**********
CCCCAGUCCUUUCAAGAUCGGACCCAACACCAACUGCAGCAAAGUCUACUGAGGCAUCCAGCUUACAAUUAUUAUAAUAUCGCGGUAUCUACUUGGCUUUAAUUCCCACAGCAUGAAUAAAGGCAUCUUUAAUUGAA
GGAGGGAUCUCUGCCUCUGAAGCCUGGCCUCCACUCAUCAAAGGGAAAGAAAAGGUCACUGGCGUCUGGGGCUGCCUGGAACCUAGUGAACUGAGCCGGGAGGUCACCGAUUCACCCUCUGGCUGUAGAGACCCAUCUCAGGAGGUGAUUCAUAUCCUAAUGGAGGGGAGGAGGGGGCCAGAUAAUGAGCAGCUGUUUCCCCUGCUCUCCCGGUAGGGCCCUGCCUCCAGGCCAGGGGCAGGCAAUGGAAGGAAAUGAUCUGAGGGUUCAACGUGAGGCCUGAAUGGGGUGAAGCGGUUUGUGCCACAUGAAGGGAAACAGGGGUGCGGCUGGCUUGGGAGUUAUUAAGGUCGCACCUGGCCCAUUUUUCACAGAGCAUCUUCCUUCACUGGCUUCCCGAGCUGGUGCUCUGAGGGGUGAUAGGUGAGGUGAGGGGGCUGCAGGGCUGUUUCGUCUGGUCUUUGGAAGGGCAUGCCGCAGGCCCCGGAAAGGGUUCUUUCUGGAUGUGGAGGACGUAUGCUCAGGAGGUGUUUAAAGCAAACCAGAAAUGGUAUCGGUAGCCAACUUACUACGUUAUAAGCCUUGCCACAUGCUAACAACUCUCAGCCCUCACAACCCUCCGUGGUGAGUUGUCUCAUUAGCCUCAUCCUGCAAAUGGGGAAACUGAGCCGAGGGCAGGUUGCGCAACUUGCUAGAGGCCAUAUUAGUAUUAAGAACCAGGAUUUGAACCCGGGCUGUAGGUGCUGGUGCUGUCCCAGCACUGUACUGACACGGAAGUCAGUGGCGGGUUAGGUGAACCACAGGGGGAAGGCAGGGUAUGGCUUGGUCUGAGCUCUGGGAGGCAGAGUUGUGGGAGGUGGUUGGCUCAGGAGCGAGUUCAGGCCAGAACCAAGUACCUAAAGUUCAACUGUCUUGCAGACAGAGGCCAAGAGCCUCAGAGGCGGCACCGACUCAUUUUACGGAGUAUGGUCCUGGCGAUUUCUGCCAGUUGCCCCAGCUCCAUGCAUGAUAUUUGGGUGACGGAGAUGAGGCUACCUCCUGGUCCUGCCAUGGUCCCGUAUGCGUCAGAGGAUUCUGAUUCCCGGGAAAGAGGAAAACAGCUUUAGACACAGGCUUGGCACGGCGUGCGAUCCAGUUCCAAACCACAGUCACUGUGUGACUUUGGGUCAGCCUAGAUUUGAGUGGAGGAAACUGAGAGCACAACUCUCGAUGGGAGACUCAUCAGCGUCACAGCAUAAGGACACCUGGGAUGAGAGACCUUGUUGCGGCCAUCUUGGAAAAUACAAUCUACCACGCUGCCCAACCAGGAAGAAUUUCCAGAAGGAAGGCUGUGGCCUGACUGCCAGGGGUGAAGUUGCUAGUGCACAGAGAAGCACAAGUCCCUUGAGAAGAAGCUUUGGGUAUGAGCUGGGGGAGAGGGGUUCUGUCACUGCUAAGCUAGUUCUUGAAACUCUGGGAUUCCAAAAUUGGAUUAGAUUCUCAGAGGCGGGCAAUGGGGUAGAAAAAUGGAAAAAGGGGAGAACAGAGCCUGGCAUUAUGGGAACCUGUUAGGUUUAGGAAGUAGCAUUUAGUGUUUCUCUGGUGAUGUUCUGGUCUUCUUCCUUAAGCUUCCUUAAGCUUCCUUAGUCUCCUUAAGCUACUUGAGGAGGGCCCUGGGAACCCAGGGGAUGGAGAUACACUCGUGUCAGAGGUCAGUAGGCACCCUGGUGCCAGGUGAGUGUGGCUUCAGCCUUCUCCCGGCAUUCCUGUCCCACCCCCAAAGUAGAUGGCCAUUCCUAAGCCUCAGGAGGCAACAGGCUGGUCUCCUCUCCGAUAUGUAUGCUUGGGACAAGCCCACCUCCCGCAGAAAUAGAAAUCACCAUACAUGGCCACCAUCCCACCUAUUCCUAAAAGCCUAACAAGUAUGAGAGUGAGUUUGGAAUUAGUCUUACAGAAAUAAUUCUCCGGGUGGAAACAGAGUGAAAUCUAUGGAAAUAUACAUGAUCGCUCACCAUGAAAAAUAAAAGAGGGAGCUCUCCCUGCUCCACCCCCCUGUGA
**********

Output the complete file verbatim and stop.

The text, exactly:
CCCCAGUCCUUUCAAGAUCGGACCCAACACCAACUGCAGCAAAGUCUACUGAGGCAUCCAGCUUACAAUUAUUAUAAUAUCGCGGUAUCUACUUGGCUUUAAUUCCCACAGCAUGAAUAAAGGCAUCUUUAAUUGAA
GGAGGGAUCUCUGCCUCUGAAGCCUGGCCUCCACUCAUCAAAGGGAAAGAAAAGGUCACUGGCGUCUGGGGCUGCCUGGAACCUAGUGAACUGAGCCGGGAGGUCACCGAUUCACCCUCUGGCUGUAGAGACCCAUCUCAGGAGGUGAUUCAUAUCCUAAUGGAGGGGAGGAGGGGGCCAGAUAAUGAGCAGCUGUUUCCCCUGCUCUCCCGGUAGGGCCCUGCCUCCAGGCCAGGGGCAGGCAAUGGAAGGAAAUGAUCUGAGGGUUCAACGUGAGGCCUGAAUGGGGUGAAGCGGUUUGUGCCACAUGAAGGGAAACAGGGGUGCGGCUGGCUUGGGAGUUAUUAAGGUCGCACCUGGCCCAUUUUUCACAGAGCAUCUUCCUUCACUGGCUUCCCGAGCUGGUGCUCUGAGGGGUGAUAGGUGAGGUGAGGGGGCUGCAGGGCUGUUUCGUCUGGUCUUUGGAAGGGCAUGCCGCAGGCCCCGGAAAGGGUUCUUUCUGGAUGUGGAGGACGUAUGCUCAGGAGGUGUUUAAAGCAAACCAGAAAUGGUAUCGGUAGCCAACUUACUACGUUAUAAGCCUUGCCACAUGCUAACAACUCUCAGCCCUCACAACCCUCCGUGGUGAGUUGUCUCAUUAGCCUCAUCCUGCAAAUGGGGAAACUGAGCCGAGGGCAGGUUGCGCAACUUGCUAGAGGCCAUAUUAGUAUUAAGAACCAGGAUUUGAACCCGGGCUGUAGGUGCUGGUGCUGUCCCAGCACUGUACUGACACGGAAGUCAGUGGCGGGUUAGGUGAACCACAGGGGGAAGGCAGGGUAUGGCUUGGUCUGAGCUCUGGGAGGCAGAGUUGUGGGAGGUGGUUGGCUCAGGAGCGAGUUCAGGCCAGAACCAAGUACCUAAAGUUCAACUGUCUUGCAGACAGAGGCCAAGAGCCUCAGAGGCGGCACCGACUCAUUUUACGGAGUAUGGUCCUGGCGAUUUCUGCCAGUUGCCCCAGCUCCAUGCAUGAUAUUUGGGUGACGGAGAUGAGGCUACCUCCUGGUCCUGCCAUGGUCCCGUAUGCGUCAGAGGAUUCUGAUUCCCGGGAAAGAGGAAAACAGCUUUAGACACAGGCUUGGCACGGCGUGCGAUCCAGUUCCAAACCACAGUCACUGUGUGACUUUGGGUCAGCCUAGAUUUGAGUGGAGGAAACUGAGAGCACAACUCUCGAUGGGAGACUCAUCAGCGUCACAGCAUAAGGACACCUGGGAUGAGAGACCUUGUUGCGGCCAUCUUGGAAAAUACAAUCUACCACGCUGCCCAACCAGGAAGAAUUUCCAGAAGGAAGGCUGUGGCCUGACUGCCAGGGGUGAAGUUGCUAGUGCACAGAGAAGCACAAGUCCCUUGAGAAGAAGCUUUGGGUAUGAGCUGGGGGAGAGGGGUUCUGUCACUGCUAAGCUAGUUCUUGAAACUCUGGGAUUCCAAAAUUGGAUUAGAUUCUCAGAGGCGGGCAAUGGGGUAGAAAAAUGGAAAAAGGGGAGAACAGAGCCUGGCAUUAUGGGAACCUGUUAGGUUUAGGAAGUAGCAUUUAGUGUUUCUCUGGUGAUGUUCUGGUCUUCUUCCUUAAGCUUCCUUAAGCUUCCUUAGUCUCCUUAAGCUACUUGAGGAGGGCCCUGGGAACCCAGGGGAUGGAGAUACACUCGUGUCAGAGGUCAGUAGGCACCCUGGUGCCAGGUGAGUGUGGCUUCAGCCUUCUCCCGGCAUUCCUGUCCCACCCCCAAAGUAGAUGGCCAUUCCUAAGCCUCAGGAGGCAACAGGCUGGUCUCCUCUCCGAUAUGUAUGCUUGGGACAAGCCCACCUCCCGCAGAAAUAGAAAUCACCAUACAUGGCCACCAUCCCACCUAUUCCUAAAAGCCUAACAAGUAUGAGAGUGAGUUUGGAAUUAGUCUUACAGAAAUAAUUCUCCGGGUGGAAACAGAGUGAAAUCUAUGGAAAUAUACAUGAUCGCUCACCAUGAAAAAUAAAAGAGGGAGCUCUCCCUGCUCCACCCCCCUGUGA